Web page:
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In addition to publishing her poetry, Kathleen Aguero has also co-edited three volumes of multi-cultural literature for the University of Georgia Press (A Gift of Tongues, An Ear to the Ground, and Daily Fare) and is consulting poetry editor of Solstice Literary Magazine. She teaches in the low-residency MFA program at Pine Manor College and in Changing Lives Through Literature, an alternative sentencing program.
My poetry has appeared in numerous publications, including The American Poetry Review, Kansas Quarterly, the Mississippi Review, and Poetry East. I have an audio recording of my poem on divorce on the online journal, The Cortland Review. In 2010 I was awarded an Artist Residency Grant at The Vermont Studio Center in Johnson, Vermont. I've been a finalist and semi-finalist in the Artists Grants Program in poetry of the Massachusetts Cultural Council, and First Prize winner of the Third Annual Boston University Alumni Poetry Competition and the Worcester County Poetry Association Annual Competition. I've studied with Alan Shapiro, Tom Sleigh, Vijay Seshadri, Fred Marchant, Bruce Weigl, Barbara Helfgott Hyett, Thomas Lux, Karl Shapiro, Marvin Bell, and Philip Dacey. I've been a participant in the William Joiner Center, University of Massachusetts, Boston; the Palm Beach Poetry Festival; the Provincetown Fine Arts Workshop; and the Aspen Writers’ Conference. I've given many readings at venues in the Boston area, including the Massachusetts Poetry Festival in Salem, the Brookline Poetry Series, the Newton Free Library, Newtonville Books, Porter Square Books in Cambridge, and the Chapter and Verse Poetry Series in Jamaica Plain. I am a clinical psychologist in Newton, Massachusetts, have a son, and live with my partner, Susan Nisenbaum Becker.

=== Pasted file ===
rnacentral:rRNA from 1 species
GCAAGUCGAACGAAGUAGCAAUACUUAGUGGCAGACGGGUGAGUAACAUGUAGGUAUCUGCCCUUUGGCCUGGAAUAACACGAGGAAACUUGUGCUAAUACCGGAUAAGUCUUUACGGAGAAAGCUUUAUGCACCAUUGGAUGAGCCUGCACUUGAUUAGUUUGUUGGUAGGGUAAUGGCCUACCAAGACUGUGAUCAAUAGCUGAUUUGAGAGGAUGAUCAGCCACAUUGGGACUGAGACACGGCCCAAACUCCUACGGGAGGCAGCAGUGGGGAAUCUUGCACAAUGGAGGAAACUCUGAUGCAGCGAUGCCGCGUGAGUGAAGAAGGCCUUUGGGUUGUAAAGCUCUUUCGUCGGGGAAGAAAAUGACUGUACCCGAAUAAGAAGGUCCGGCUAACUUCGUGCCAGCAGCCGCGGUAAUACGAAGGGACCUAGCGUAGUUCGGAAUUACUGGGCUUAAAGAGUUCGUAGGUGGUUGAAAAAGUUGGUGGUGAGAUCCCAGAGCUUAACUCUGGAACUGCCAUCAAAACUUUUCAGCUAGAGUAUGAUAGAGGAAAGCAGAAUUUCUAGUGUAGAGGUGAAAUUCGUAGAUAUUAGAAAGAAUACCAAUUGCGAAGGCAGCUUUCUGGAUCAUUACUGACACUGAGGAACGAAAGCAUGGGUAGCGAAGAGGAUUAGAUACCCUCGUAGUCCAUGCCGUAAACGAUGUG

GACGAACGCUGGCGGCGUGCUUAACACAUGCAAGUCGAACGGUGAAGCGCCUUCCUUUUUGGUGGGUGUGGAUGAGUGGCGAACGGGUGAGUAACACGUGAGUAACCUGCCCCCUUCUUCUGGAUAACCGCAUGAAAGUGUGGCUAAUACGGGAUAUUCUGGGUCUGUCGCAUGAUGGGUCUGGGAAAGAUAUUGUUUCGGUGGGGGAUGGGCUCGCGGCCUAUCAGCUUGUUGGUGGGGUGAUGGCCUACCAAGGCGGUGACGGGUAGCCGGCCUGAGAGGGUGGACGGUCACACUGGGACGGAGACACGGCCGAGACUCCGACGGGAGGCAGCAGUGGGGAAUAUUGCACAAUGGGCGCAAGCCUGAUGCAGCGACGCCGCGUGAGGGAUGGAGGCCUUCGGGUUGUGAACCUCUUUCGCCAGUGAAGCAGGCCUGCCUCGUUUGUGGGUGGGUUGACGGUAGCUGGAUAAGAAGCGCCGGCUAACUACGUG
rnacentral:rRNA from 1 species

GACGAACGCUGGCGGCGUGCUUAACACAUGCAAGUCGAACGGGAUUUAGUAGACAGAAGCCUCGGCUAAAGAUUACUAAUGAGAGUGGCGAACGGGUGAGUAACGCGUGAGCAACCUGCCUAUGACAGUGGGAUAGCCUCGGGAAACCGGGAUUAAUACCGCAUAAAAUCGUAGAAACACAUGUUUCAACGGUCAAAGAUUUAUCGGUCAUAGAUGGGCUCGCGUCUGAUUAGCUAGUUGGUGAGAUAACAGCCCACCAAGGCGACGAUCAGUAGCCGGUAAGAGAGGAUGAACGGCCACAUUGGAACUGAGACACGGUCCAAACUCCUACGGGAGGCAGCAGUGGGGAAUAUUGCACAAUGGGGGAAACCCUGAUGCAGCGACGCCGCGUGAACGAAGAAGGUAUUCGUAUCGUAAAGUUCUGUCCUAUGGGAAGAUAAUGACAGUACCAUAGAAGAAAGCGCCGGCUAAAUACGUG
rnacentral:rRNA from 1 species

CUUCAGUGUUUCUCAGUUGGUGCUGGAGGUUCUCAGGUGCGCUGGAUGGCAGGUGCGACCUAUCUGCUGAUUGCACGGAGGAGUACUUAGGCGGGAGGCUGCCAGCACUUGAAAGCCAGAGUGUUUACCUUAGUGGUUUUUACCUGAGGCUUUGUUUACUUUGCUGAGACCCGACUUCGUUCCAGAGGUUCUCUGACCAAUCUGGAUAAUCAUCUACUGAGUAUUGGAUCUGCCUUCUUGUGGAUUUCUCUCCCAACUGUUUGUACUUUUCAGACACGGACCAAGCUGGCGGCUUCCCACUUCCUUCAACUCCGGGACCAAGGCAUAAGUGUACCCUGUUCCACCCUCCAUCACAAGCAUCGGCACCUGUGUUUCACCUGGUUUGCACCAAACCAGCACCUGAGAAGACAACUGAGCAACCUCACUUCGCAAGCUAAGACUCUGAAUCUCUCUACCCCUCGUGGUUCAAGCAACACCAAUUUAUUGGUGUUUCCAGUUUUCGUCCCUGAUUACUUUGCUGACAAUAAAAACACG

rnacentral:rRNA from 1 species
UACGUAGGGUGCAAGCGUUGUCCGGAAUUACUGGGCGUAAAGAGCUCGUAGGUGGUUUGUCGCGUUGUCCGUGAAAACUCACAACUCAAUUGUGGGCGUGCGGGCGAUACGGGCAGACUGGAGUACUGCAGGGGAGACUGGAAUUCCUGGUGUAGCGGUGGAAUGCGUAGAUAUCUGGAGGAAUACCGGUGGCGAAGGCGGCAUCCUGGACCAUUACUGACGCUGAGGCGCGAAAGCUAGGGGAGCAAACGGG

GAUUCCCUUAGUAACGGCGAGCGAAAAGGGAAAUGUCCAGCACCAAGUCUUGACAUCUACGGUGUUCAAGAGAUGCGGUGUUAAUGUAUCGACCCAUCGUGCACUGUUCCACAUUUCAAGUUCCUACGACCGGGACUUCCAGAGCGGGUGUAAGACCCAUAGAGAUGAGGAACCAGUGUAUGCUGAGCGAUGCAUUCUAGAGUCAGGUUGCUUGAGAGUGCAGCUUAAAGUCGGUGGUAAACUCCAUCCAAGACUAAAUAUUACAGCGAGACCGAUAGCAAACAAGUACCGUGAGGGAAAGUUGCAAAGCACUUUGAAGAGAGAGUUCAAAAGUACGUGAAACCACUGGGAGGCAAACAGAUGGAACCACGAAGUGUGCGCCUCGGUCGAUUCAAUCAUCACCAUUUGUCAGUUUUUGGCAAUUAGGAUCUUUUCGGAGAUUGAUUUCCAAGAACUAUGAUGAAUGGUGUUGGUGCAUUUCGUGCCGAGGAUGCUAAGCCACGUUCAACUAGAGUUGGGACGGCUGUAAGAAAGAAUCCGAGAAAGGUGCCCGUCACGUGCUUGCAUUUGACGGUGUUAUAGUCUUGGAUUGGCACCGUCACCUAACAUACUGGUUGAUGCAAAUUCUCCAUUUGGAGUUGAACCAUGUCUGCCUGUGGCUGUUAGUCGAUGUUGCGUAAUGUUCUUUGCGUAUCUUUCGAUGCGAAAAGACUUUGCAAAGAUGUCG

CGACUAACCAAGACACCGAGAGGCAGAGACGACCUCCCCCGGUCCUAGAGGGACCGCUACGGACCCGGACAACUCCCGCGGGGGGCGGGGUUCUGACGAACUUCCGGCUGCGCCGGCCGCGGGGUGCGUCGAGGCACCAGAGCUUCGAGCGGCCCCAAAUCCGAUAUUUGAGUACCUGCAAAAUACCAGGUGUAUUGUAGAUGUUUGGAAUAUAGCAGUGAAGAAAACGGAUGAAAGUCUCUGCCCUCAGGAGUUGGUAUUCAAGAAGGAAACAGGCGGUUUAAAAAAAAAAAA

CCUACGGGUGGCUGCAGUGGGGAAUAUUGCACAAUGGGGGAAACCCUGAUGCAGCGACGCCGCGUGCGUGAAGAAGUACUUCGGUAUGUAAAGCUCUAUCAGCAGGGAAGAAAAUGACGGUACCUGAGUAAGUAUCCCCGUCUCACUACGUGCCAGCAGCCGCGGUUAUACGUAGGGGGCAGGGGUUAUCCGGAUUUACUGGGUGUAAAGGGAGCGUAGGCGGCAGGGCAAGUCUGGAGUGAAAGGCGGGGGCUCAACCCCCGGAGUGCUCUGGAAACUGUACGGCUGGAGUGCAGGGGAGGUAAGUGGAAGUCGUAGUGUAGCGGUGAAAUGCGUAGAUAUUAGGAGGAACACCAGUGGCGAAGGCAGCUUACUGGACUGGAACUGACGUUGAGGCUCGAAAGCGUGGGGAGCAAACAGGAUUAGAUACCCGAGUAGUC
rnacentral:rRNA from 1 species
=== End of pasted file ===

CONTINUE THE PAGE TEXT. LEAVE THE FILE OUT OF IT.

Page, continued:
Poetry differs in style, form, and cadence from the other genres in the literary arts. Every word is integral, the arrangement precise, and the music accentuating. These complexities present the challenge and power that draws me to write poetry. The complexities complement the contradictions and emotional realities that permeate my work. I rarely write about my life or myself, for I am an observer documenting the actions of others with an investigative slant. I often use social and political themes in my work, probing the depths of the fallible and ignorant human being. Injustice and irresponsibility are two areas I address through emotional and psychological perspectives. The environment, hunger, elder abandonment, and abuse are topics that provide me with endless material. My poetry is for readers who enjoy alternative views on life and the events that shape it. A reader can emotionally and mentally connect to my work. This fulfills my wish of making people more aware of injustices so they may be moved to be a catalyst for change.